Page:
Baseball and Politics

Posted on October 29, 2011 by

My team lost the world series in an especially agonizing way. 

I was rooting for the Texas Rangers, indifferent to their home state’s conservative politics or even the presence of former team owner George Bush in the seats behind home plate. 

In that respect, at least for me, sports transcends politics. 

But I do associate a loss like this to big elections.  If you think this was bad, I tell myself, what will it feel like the morning of November 7, 2012? 

When you pick sides in team sports, your emotional experience is vicarious. 

Like great literature, this world series (the entire post-season, in fact) had fantastic dramatic elements and was baseball at its best. 

My partisanship toward the Rangers was based largely on the fact that the Texas team had never won the title while the Cards were champs five years ago. 

But even more than that was my affinity for Ranger manager Ron Washington, a populist team leader with a great heart and overt love for his players. 

I demonized his adversary, the aloof Tony La Russa, making him into a consummate technocrat – a man without a soul – who used his players like chess pieces, with the same kind of calculated indifference corporations show when shipping jobs oversees. 

Who cares if my characterization was accurate, fair or fabrication?  After all, it’s only a game. 

For a casual fan like me, it takes a few days to get over a big loss. 

(Though with the Rangers coming so excruciatingly close in game six – only to see the dream slip away in the 9th, 10th and 11th innings and then in game 7 – this one might take a little longer).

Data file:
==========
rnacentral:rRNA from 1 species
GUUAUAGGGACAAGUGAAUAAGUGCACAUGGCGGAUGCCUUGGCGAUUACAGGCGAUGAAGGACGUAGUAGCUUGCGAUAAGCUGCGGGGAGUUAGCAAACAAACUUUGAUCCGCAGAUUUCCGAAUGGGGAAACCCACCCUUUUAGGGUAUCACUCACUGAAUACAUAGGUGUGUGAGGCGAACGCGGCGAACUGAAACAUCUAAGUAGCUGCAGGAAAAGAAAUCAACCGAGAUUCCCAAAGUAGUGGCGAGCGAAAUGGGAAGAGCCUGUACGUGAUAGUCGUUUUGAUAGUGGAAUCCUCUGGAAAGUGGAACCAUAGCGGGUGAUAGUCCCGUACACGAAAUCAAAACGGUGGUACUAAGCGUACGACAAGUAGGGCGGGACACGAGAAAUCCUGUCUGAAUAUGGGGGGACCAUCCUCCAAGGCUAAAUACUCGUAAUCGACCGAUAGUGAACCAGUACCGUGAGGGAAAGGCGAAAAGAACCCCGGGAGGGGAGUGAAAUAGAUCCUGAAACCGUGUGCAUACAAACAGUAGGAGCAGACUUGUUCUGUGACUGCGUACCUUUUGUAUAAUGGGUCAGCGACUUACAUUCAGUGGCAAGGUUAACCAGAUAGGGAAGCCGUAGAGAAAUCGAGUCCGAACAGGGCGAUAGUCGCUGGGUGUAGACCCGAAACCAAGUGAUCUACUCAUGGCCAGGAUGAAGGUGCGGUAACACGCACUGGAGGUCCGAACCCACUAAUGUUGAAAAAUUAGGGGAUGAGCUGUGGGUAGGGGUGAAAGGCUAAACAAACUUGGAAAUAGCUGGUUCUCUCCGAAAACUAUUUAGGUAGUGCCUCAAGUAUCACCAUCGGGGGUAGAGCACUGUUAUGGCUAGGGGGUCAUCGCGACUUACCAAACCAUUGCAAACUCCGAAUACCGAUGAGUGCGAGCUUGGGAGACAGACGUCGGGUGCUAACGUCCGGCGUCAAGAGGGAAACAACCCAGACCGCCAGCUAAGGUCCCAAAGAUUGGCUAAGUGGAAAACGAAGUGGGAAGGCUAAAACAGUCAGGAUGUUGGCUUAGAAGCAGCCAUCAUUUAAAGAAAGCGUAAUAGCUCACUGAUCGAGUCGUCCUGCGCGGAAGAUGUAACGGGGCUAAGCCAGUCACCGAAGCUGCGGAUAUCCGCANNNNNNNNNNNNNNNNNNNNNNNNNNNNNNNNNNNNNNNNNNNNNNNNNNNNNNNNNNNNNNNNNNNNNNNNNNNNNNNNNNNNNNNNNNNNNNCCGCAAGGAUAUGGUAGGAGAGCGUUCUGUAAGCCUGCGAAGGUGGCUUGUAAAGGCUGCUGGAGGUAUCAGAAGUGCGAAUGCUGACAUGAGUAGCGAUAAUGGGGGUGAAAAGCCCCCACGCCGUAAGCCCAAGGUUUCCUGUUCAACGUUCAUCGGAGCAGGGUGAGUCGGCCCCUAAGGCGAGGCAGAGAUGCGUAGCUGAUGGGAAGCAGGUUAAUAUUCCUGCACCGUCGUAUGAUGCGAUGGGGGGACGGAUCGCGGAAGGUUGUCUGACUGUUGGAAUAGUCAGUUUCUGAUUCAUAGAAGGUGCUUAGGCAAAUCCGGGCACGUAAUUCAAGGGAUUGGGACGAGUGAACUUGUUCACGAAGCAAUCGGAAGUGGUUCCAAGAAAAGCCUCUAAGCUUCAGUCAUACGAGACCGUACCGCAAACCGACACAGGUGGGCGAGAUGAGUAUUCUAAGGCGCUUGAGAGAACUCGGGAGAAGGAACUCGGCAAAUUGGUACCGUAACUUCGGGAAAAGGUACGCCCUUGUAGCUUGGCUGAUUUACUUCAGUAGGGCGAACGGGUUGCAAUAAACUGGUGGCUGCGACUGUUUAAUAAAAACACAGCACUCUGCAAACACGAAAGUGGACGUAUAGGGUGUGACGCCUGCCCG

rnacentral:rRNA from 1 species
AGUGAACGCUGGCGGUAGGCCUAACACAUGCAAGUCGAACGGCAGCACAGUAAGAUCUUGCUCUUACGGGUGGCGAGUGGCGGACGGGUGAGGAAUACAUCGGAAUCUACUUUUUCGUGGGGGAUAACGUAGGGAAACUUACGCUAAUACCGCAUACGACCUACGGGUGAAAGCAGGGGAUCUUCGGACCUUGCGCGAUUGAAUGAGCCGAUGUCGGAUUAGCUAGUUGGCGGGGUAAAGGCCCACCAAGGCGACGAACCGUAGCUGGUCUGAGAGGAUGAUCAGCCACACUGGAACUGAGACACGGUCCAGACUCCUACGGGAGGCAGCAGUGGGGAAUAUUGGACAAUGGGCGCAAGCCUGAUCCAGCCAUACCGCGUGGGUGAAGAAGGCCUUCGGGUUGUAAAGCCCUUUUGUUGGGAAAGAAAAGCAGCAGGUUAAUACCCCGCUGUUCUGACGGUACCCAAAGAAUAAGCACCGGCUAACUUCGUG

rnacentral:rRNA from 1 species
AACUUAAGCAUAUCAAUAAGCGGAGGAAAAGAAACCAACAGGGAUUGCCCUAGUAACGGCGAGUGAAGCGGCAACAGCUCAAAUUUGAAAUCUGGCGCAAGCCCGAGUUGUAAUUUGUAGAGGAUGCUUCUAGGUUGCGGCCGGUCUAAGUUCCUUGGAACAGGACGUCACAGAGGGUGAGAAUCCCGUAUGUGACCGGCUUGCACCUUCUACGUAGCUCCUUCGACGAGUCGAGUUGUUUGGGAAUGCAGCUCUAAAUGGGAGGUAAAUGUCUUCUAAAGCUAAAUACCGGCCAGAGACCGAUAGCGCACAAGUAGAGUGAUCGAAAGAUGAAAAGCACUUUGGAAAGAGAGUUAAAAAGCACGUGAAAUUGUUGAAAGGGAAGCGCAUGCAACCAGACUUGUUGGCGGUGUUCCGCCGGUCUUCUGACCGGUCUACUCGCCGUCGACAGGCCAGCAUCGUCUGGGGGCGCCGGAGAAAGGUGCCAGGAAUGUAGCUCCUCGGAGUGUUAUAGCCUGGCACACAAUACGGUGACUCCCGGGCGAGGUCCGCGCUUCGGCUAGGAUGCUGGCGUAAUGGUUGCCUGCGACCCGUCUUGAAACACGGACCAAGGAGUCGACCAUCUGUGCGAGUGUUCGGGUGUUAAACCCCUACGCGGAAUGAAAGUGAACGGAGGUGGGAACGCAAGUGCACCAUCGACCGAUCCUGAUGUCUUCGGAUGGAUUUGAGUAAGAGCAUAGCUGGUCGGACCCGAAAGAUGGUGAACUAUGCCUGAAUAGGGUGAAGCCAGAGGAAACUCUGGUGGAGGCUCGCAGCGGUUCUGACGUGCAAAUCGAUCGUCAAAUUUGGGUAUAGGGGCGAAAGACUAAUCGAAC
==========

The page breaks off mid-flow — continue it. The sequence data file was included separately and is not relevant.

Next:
Though competitive sports has an important role in American history and culture (particularly so in race relations: Jesse Owens, Jackie Robinson, Mohamed Ali) there will be no critical consequence to the outcome of this year’s world series. 

But just one year from now is the 2012 presidential election.  If we lose that one, my pain and suffering won’t be so easy to manage.  And the consequences won’t be vicarious or imaginary.

Comments (6)

 

  1. Goetz Wolff says:

    Hey – thanks for confessing. I hadn’t thought about the reasons one might be for Texas.

    Since my high school days, I’ve become what you describe as a “casual fan.”

    But deep in my heart, I still love the old American League and National League.

    I confess, I despise all the expansion teams, especially the ones who abandoned their fan base: Boston Braves, Brooklyn Dodgers, etc.

    So, I was rooting for Detroit to defeat Texas, so we could have a “good old” American League team go against the National League team of Stan (the Man) Musial.

    What a wonderful uphill struggle by St. Louis this year! I hope that it can be a symbol for all the underdogs.

  2. Buddyg says:

    I can’t get past Dubya’s continuing association with the team, perhaps accentuated by the fact the fans cheered him when he threw a passed ball to Nolan Ryan. To be sure, this is from an unreconstructed Yankees fan.

  3. Ben Sears says: